Is Malcolm Gladwell a “freakonomist?” A freakonomist might be defined an economics writer who has the ability to transform contrarian arguments into conventional wisdom almost overnight. Steven Levitt and Stephen Dubner, for instance, created a popular consensus that abortion cuts crime. Unfortunately, the trip from contrarianism to consensus is often a result of psychology rather than the merits of the arguments. We like contrarianism because contrarianism is, well, kinda cool.
Fortunately, we have Steve Sailer around to deliver sharp reality checks against these freakonomics claims. Way back in 1999 he pointed out that abortion didn’t actually cut any crime in the first cohort of young men from whom legalized abortion supposedly culled the worst criminals. Serious crimes actually went up among this group. Most recently Sailer’s aimed his reality guns at Malcolm Gladwell’s New Yorker article touting a book by a couple of economists who argue that, among other things, that far from being the top NBA player in the season he won the Most Valuable Player award, Allen Iverson was only the ninety-first-best-play in the league.
Here’s how Gladwell describes “The Wages of Wins” by economists David J. Berri, Martin B. Schmidt, and Stacey L.
Weighing the relative value of fouls, rebounds, shots taken, turnovers, and the like, they’ve created an algorithm that, they argue, comes closer than any previous statistical measure to capturing the true value of a basketball player. The algorithm yields what they call a Win Score, because it expresses a player’s worth as the number of wins that his contributions bring to his team.
Since this is a New Yorker article, Gladwell doesn’t actually explain how this algorithm works. New Yorker readers don’t actually need to know how the things they know work; it’s enough to know that some smart says they do.
Sailer finds a 1999 paper in which one of the the authors describes how to derive the Win Score. It works like this:
Points + Rebounds + Steals + 1⁄2Assists + 1⁄2Blocked Shots
–Field Goal Attempts – Turnovers - 1⁄2Free Throw Attempts - 1⁄2Personal Fouls
Extra points if you can see what positive element gets overweighted in this analysis. That’s right, it’s rebounds. As Sailer points out, every other positive element gets balanced against the cost of earning it. Points, for example, gets balanced against field goal attempts. Rebounds gets nothing, meaning that big time rebounders get overrated by the Win Score.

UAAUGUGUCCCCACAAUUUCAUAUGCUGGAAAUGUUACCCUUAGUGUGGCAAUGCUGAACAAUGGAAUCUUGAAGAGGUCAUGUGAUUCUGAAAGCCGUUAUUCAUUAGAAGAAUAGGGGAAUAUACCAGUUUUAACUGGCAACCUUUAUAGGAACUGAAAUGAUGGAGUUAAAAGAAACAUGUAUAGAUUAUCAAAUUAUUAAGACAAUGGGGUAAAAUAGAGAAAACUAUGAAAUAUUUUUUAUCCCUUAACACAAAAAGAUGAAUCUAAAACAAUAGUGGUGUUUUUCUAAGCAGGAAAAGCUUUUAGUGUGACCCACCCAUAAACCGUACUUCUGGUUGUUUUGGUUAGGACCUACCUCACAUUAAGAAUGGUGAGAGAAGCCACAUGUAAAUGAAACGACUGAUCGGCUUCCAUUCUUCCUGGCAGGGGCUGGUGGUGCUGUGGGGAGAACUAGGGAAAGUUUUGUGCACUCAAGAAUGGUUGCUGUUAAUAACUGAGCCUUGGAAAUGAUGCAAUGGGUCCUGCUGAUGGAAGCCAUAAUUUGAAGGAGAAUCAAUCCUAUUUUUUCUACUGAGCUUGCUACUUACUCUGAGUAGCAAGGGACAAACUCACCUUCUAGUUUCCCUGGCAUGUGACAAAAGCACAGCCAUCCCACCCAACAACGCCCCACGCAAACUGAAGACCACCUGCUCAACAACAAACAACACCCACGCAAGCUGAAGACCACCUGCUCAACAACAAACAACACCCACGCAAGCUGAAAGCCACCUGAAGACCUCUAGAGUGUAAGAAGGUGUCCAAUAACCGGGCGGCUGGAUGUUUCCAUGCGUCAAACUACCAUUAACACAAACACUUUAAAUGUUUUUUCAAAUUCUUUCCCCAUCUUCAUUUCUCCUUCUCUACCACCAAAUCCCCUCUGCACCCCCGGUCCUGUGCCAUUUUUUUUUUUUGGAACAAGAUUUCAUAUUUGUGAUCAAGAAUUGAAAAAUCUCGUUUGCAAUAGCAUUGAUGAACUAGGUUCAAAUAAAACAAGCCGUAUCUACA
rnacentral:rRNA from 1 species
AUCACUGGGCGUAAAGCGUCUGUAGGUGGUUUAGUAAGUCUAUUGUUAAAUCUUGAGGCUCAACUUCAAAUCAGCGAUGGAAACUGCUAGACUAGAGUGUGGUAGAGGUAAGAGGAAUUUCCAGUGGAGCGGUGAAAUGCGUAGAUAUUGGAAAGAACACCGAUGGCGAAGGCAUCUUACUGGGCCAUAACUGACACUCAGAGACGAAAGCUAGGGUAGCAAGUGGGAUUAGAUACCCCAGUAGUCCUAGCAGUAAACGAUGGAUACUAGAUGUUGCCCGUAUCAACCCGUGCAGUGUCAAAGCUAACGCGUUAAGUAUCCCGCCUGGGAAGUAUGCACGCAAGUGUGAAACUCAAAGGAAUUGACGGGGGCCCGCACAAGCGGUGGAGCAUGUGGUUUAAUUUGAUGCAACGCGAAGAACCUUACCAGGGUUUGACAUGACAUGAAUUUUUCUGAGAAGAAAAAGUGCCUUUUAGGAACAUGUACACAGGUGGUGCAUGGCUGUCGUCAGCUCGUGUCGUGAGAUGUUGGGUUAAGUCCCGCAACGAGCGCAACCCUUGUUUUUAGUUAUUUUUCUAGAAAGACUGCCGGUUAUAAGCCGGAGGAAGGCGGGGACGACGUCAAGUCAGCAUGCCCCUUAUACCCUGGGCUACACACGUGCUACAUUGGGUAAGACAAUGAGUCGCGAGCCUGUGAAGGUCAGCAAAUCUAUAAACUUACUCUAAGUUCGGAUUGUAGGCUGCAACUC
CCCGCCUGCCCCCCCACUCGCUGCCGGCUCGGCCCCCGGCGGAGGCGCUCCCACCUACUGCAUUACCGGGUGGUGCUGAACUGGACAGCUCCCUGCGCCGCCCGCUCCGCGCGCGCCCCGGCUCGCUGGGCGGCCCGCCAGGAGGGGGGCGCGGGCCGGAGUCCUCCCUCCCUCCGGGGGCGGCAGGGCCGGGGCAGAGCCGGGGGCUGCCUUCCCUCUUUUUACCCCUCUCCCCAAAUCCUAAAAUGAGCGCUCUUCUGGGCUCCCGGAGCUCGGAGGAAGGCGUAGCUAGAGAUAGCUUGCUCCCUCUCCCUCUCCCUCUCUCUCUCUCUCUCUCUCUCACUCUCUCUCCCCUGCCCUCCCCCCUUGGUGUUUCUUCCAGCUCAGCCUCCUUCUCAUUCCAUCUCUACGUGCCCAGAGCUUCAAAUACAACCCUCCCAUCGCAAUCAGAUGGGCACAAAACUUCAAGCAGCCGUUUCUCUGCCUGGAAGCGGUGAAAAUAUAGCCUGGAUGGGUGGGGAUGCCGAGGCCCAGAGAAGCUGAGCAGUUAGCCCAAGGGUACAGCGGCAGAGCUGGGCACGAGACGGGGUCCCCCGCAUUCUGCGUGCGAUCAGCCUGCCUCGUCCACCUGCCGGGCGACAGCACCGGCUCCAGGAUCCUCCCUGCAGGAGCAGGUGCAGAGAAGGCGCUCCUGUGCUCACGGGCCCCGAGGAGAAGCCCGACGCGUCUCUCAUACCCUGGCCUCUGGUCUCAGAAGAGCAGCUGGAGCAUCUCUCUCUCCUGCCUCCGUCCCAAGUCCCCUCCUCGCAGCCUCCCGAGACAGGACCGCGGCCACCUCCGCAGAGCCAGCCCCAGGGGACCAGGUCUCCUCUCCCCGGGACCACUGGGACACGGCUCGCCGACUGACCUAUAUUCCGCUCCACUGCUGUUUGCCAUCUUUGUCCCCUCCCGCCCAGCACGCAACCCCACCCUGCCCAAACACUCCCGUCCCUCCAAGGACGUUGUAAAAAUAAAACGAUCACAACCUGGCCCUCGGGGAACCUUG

So back to Gladwell, who concludes his article with this graph:
It’s hard not to wonder, after reading “The Wages of Wins,” about the other instances in which we defer to the evaluations of experts. Boards of directors vote to pay C.E.O.s tens of millions of dollars, ostensibly because they believe—on the basis of what they have learned over the years by watching other C.E.O.s—that they are worth it. But so what? We see Allen Iverson, over and over again, charge toward the basket, twisting and turning and writhing through a thicket of arms and legs of much taller and heavier men—and all we learn is to appreciate twisting and turning and writhing. We become dance critics, blind to Iverson’s dismal shooting percentage and his excessive turnovers, blind to the reality that the Philadelphia 76ers would be better off without him. “One can play basketball,” the authors conclude. “One can watch basketball. One can both play and watch basketball for a thousand years. If you do not systematically track what the players do, and then uncover the statistical relationship between these actions and wins, you will never know why teams win and why they lose.”
Well, maybe. But one can also derive plausible algorithms that supposedly uncover statistical relationships that seriously underrate what teams need to actually win games. Think about it this way: could you use the wages of win to actually, well, wager on which teams will win games? Are the authors doing this?
We’re reminded of the advice one of our old mentors: “Don’t trust anyone with a theory who doesn’t have his own money riding on the thing.”
Game Theory [New Yorker]
Who is ‘Most Valuable’? Measuring the Player’s Production of Wins in the National Basketball Association [pdf] [Managerial and Decision Economics]
Malcolm Gladwell: Everything you know about the NBA is wrong [isteve .com]